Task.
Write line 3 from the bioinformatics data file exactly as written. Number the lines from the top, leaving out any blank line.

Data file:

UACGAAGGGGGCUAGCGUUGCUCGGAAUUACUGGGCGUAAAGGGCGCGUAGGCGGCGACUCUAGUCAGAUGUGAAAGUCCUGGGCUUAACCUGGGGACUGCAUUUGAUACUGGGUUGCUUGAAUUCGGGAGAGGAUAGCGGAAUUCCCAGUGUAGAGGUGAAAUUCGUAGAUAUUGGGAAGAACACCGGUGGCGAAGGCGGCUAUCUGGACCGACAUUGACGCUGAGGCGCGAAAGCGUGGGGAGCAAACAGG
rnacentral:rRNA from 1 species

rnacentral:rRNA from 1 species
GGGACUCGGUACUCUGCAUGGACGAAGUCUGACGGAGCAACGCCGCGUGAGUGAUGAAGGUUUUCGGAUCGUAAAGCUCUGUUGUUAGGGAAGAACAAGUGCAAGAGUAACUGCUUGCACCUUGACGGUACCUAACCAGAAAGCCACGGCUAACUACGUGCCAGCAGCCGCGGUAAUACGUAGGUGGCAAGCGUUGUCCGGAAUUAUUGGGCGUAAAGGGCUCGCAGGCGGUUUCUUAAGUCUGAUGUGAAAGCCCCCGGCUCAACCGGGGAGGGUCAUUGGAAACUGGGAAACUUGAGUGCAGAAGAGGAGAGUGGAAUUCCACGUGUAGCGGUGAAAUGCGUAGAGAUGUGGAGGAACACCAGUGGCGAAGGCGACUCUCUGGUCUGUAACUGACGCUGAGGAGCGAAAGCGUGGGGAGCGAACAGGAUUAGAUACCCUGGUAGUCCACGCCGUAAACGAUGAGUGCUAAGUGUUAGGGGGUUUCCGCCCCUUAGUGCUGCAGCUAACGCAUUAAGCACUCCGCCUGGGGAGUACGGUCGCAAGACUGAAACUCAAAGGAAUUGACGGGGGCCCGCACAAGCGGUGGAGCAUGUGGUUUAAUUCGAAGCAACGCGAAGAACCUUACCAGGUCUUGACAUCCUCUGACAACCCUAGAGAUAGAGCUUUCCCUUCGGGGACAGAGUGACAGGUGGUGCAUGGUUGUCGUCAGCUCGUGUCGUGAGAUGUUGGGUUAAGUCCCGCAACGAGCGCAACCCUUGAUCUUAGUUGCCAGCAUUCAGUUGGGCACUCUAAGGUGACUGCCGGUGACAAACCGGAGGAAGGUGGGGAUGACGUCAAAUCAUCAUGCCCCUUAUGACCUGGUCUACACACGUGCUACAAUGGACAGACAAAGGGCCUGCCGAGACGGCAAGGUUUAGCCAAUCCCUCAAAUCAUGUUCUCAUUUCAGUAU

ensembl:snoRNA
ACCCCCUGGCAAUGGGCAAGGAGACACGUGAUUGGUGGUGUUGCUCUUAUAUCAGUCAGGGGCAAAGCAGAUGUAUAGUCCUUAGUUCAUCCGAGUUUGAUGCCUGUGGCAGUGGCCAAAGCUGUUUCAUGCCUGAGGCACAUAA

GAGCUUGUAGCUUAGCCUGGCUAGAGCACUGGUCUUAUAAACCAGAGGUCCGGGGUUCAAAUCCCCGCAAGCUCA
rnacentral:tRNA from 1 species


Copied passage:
rnacentral:rRNA from 1 species